Do you know the difference between a Health Reimbursement Arrangement (HRA) and a Health Savings Account (HSA)? While they look and sound similar, there are distinct differences between them – particularly when it comes to ownership, tax benefits, and insurance requirements.
HRA vs HSA – Similarities
The idea behind both HRAs and HSAs is that they help make healthcare more affordable for workers and their families. There are more similarities as well, even though each type of account also has its own advantages.
Account holders and participants can use the funds in their HRA or HSA to pay for qualified health expenses. These accounts are part of consumer directed healthcare, which empowers individuals to be more involved in their personal healthcare since they choose how and when to spend their healthcare dollars. Also, both accounts can be part of an employer-sponsored benefit plan (and some employers offer both).
HRA vs HSA – Differences
Account types and insurance requirements
An HSA is a Health Savings Account, period. There are no variations. However, to open and contribute to an HSA, account owners must be enrolled in a qualified high deductible health plan.
With an HRA, there are several types of accounts. The employer may choose to offer one of the following:
- Group HRA – Offered in conjunction with a group health plan; covers IRS-approved expenses
- Individual Coverage HRA – May be offered by employers of any size and can cover individual health insurance premiums (non-group)
- Excepted Benefit HRA – Used only for benefits such as dental, vision, short-term disability, etc.
- Qualified Small Employer HRA – Available for employers with fewer than 50 full time employees; may cover non-group health insurance premiums and employer-approved expenses
An HRA is employer-owned whereas an HSA is employee-owned. This means an HRA remains with the employer when an employee leaves the company, and the funds are no longer accessible.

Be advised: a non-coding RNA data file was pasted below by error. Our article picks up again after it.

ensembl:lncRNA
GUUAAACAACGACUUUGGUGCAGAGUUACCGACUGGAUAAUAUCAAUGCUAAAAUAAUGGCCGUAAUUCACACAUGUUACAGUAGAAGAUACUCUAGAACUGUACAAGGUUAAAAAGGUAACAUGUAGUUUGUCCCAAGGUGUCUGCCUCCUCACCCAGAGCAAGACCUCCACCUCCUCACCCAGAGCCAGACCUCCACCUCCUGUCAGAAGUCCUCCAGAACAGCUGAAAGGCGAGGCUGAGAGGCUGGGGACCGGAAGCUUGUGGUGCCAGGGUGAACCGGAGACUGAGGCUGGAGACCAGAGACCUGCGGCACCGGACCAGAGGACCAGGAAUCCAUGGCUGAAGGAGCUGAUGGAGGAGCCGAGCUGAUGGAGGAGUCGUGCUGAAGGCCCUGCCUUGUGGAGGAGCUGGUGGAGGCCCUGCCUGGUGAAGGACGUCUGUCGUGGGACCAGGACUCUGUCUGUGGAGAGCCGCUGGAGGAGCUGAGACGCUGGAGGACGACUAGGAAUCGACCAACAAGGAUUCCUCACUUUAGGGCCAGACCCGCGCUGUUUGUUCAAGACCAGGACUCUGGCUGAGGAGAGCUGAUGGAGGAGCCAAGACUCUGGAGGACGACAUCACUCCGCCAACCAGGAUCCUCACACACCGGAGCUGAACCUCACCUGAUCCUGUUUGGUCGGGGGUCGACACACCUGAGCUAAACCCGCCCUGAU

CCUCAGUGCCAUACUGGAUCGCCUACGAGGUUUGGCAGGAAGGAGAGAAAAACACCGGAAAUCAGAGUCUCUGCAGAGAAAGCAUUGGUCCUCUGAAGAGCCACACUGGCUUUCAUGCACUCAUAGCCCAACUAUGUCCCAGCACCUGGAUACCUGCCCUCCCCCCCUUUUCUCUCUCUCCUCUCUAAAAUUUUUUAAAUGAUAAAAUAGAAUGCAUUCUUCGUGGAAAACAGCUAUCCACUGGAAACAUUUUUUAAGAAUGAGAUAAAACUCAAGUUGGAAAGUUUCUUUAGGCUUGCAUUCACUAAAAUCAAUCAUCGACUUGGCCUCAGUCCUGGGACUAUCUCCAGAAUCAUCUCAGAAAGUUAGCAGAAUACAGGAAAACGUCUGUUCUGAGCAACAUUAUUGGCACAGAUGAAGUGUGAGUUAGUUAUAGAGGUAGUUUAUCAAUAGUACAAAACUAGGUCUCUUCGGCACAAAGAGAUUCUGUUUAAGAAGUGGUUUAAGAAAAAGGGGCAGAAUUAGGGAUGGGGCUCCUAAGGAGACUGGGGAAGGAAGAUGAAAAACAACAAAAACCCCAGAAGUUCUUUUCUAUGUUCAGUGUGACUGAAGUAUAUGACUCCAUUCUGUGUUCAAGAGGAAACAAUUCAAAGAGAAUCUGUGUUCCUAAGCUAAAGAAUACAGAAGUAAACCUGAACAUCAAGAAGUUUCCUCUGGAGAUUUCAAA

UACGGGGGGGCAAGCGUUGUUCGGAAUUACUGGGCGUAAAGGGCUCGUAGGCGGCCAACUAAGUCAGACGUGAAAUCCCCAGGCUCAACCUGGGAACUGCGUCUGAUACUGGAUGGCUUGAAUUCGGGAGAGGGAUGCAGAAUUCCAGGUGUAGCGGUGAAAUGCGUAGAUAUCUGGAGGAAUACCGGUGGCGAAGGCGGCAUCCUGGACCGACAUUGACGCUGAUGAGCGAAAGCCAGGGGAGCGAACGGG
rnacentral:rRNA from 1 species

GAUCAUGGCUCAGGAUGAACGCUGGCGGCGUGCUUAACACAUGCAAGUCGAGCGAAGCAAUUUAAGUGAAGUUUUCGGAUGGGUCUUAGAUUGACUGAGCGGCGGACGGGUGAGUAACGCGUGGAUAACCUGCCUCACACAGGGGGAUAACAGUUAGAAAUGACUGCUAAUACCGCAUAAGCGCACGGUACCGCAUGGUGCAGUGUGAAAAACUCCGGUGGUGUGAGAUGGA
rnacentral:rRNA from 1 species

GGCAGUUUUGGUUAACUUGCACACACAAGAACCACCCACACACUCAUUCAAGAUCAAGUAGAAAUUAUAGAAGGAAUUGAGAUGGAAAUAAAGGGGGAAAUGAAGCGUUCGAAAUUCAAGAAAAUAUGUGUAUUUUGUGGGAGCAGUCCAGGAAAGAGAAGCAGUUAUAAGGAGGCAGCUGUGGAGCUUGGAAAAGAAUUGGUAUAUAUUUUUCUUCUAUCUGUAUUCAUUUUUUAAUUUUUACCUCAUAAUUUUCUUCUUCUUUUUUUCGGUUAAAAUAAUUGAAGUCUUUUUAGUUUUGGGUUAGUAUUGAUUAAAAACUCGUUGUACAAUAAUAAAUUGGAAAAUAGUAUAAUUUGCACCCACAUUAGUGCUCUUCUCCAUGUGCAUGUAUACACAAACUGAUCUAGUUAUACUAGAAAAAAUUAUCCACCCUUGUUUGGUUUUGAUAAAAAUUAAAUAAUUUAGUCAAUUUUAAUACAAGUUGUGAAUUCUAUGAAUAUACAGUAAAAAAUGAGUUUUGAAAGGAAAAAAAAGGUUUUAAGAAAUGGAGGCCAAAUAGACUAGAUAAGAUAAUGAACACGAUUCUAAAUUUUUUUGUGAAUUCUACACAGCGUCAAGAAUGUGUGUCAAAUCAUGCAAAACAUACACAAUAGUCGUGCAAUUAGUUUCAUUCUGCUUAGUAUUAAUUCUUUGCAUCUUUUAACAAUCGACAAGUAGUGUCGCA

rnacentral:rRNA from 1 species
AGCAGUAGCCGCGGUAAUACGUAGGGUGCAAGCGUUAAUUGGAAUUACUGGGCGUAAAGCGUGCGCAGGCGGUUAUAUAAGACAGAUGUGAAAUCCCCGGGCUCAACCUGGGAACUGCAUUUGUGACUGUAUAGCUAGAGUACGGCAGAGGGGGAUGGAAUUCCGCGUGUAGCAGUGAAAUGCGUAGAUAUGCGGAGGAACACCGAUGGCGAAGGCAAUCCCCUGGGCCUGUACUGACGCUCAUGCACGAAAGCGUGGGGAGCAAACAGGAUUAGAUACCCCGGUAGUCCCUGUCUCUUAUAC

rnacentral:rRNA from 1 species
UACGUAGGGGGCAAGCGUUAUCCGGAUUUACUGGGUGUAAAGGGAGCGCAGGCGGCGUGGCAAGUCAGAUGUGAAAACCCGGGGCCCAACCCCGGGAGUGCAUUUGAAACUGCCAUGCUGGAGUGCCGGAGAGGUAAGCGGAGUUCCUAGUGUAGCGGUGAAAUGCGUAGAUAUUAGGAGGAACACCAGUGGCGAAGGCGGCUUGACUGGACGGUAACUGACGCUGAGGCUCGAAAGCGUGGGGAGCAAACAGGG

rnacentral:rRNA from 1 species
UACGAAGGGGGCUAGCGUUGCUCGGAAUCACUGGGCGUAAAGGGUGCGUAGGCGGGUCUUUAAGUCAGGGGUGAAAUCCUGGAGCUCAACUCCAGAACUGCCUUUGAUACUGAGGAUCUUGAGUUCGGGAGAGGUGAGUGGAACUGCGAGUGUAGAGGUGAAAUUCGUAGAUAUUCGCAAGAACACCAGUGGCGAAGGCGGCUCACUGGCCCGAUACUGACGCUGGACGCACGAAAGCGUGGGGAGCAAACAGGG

With an HSA, the employee keeps the account for life, regardless of employment status. The account holder can continue to use the available balance, and if enrolled in a high deductible plan, keep making new contributions. Account holders may also invest their HSA funds once the account balance reaches a minimum threshold.
Funding and taxes
Another noteworthy difference is how each account is funded. The money in an HRA comes solely from the employer, therefore, the employer sets the rules for which expenses are eligible for reimbursement, such as deductibles, copays, coinsurance, and other services like dental and vision.
Anyone can fund an HSA, but contributions generally come from the employee, the employer, or both. The IRS sets the guidelines for HSA qualified expenses. Furthermore, there is a set annual contribution limit for an HSA; HRA limits, if any, vary by employer.
There are also differences in tax advantages. Since an HRA is employer-funded, only the employer gets a tax reduction. However, an HRA benefit does not count towards the employee’s income.
With an HSA, an account holder makes pre-tax contributions to the account and earns tax-free interest on the account balance, and the employer gets a tax benefit for contributing, as well.
The table below provides a side-by-side comparison of the differences between an HRA and HSA for account holders:
HRA vs HSA Table
|Item||Health Reimbursement Arrangement (HRA)||Health Savings Account (HSA)|
|Funding||Employer-funded only||Funded by account holder and/or employer|
|Tax-advantage||Employer||Tax-free contributions for account holder and employer|
|Portability||None. Stays with employer||Stays with account holder|
|Integration with other tax-advantaged accounts||May be integrated with FSA||None|
|HDHP requirement||None||HDHP required|
|Interest earned?||No||Tax-free interest earned|
|Ability to invest||No||Investment option once account reaches minimum balance|
|Rollover/Account Accumulation||Dependent on plan set up||Yes, with no limit|
|Funds available for use in retirement||Dependent on plan set up||Yes|
For employers, the advantages of including an HRA vs HSA in their employee benefit program are very similar, though employers have more control over HRAs. Conversely, there is also an added administrative, record-keeping need with an HRA.
Knowing the difference between an HRA and an HSA is important, especially as they are key to consumer-driven healthcare. Decide which one is right for you.
DataPath Summit features flexible HRA plan design and all-in-one HSA administration.